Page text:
(b New York, Aug 23, 1928; d New York, Feb 15, 2004). American pianist . In the early 1950s he performed and made recordings with Miles Davis (including Yesterdays/How Deep is the Ocean, 1952, BN 1597) and Lester Young, and in 1957 he played on the album Ray Draper with John Coltrane...

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Colin Timms

(b Genoa, ?1581; d after in or 1656). Italian composer . He spent his working life at Genoa, where he appears to have been organist of the cathedral in the late 16th century and at the convent of S Brigida from 1601. According to the title-page of his Primo libro de madrigali (Venice, 1640) he was maestro di cappella to the republic of Genoa. When over 70 he composed the opera Ariodante (G. A. Pisani [G. A. Spinola], after L. Ariosto; lib. I-Nc , Rc ) and the intermezzo Gl’incanti di Ismeno (Spinola), which were performed together at the Teatro del Falcone, Genoa, in 1655–6. Giazotto says that Costa also set Spinola’s Aspasia in 1656 and/or 1660; the drama was certainly performed at Genoa in 1695, but the music may have been by Geronimo Maria Costa (b Genoa, 1655).

AllacciD R. Giazotto: La musica a Genova nella vita pubblica e privata dal XIII al XVIII secolo...

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Croatia  

Ex.2 Two-part song, Vinkovci, Slavonia; rec. S. Jankovíc (Žganec-Sremec, eds., 1951: 185)

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Barbara Russano Hanning

[Daphne]

Opera in a prologue and six scenes by Jacopo Peri, with assistance from Jacopo Corsi, to a libretto by Ottavio Rinuccini after Ovid’s Metamorphoses (book 1); Florence, Corsi’s palace, pre-Lenten Carnival season, 1598 (1597 old Florentine style), 1599, 1600.

This experimental musico-dramatic work, for which the music survives only partially in manuscript, and which its creators called a favola in musica (musical tale), is generally considered the first opera. The complete libretto exists in a printed edition from 1598. The characters’ vocal ranges given here are those assigned in Gagliano’s 1608 version (see Dafne (ii)). (The scene settings are inferred from the action.)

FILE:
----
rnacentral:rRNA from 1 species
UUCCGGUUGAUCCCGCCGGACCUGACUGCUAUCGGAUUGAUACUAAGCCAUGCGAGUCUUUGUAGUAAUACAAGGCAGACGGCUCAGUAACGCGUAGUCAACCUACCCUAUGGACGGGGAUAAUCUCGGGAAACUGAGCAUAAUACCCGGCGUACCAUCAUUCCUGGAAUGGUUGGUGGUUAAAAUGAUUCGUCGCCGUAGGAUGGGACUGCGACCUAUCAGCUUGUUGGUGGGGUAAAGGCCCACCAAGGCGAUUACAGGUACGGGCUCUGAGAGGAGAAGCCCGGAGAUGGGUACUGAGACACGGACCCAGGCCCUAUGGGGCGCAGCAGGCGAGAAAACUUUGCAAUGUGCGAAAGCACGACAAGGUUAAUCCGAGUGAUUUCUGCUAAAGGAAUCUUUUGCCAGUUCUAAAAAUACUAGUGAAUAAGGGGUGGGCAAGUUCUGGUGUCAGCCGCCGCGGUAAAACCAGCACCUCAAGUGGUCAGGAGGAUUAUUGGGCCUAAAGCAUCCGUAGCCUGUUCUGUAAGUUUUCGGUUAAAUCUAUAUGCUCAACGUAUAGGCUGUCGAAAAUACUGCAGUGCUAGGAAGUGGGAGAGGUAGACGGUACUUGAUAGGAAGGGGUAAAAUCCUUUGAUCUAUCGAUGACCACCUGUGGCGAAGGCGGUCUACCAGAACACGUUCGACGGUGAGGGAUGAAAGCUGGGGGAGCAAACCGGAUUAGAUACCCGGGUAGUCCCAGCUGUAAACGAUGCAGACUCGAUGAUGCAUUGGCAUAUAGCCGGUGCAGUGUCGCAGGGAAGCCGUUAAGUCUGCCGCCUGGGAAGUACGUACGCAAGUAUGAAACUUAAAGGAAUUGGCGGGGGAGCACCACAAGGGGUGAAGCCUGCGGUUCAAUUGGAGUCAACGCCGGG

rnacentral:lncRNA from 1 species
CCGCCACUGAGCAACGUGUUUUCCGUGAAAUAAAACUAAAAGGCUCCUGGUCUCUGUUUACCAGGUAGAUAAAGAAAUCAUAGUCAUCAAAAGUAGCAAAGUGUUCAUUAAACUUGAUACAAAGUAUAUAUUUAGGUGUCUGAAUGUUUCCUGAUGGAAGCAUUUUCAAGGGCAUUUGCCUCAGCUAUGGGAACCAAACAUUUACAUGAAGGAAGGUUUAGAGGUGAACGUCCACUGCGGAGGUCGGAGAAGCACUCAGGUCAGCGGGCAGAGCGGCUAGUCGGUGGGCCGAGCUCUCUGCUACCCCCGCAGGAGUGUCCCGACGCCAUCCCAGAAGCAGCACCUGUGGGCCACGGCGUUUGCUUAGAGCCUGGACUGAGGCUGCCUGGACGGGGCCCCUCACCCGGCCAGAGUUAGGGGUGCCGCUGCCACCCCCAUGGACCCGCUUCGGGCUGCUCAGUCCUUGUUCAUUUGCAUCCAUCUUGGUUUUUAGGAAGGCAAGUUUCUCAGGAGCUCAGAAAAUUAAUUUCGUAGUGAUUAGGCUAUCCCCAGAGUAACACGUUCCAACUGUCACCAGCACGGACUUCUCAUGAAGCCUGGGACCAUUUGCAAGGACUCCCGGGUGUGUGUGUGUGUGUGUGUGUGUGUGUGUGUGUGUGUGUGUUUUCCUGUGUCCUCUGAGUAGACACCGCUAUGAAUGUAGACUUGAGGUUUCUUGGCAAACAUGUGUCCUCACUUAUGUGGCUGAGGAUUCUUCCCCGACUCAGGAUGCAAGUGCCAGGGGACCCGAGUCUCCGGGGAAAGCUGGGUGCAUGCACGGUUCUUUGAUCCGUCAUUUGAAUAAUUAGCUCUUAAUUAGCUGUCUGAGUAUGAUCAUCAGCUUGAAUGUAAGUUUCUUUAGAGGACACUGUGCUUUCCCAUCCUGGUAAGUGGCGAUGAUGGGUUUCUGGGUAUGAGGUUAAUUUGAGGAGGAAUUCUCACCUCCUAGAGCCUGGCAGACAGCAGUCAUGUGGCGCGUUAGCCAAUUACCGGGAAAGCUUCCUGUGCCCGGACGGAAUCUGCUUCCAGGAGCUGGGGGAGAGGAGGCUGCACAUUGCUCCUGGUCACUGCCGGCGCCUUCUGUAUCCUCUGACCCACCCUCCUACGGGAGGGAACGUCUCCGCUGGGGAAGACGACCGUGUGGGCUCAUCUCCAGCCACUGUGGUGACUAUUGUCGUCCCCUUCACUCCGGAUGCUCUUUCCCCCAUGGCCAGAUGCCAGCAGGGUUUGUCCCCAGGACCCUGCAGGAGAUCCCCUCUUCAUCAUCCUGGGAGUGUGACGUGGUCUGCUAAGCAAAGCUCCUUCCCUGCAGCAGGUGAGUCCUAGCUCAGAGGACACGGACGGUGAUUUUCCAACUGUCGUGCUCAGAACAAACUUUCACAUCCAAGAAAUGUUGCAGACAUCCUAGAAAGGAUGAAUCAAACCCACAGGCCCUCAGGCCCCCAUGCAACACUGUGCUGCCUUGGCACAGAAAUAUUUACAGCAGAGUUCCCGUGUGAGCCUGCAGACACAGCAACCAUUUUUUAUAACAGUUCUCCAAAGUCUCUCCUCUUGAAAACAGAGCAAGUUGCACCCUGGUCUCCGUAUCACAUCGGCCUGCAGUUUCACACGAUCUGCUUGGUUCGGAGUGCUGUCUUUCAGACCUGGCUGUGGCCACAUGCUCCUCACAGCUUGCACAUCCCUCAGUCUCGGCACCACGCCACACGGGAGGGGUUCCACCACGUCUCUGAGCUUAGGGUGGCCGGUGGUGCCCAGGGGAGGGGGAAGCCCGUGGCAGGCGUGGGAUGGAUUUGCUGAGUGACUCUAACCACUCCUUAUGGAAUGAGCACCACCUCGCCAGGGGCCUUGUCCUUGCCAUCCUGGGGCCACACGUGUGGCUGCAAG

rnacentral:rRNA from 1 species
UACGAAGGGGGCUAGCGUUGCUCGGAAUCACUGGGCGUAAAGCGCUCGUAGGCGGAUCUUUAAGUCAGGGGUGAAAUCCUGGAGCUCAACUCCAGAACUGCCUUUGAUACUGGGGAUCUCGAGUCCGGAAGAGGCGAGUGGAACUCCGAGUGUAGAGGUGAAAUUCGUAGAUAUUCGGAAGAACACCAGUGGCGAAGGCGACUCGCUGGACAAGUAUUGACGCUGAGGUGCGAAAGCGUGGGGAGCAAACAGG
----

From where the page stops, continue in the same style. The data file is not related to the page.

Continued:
Prologue Ovid explains the cautionary nature of his tale: never underestimate the power of Love.

Scene 1 [A secluded grove] The resident nymphs and shepherds entreat Jove to send a saviour to deliver them from the monstrous dragon, which has been terrorizing their land, and are answered by Apollo in the form of an echo (‘Ebra di sangue in questo oscuro bosco’), after which the god descends and slays the python with bow and arrow. (This scene is a reworking of Rinuccini’s third ...

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Sean Hallowell

Originally, a poem in which the passing of an individual is announced and communities to which the departed belongs are called to mourn.

Pioneered by French poets in aristocratic service, the déploration qua literary genre enjoyed a modest lifespan, with eight known works surviving from the 16th century. Longstanding custom, however, recognizes a musical tradition by the same name, one numbering 30 known compositions spanning the late 14th to late 16th centuries. Among composers the déploration ramified from a French mainstream into Spanish, Netherlandish, German, Italian, and English tributaries. Accordingly, déplorations are variably designated in sources by such terms as apotheosis, epicedion, monodia, epitaphium, lamentation, complainte, naenia, madrigale, greghesca, and elegy.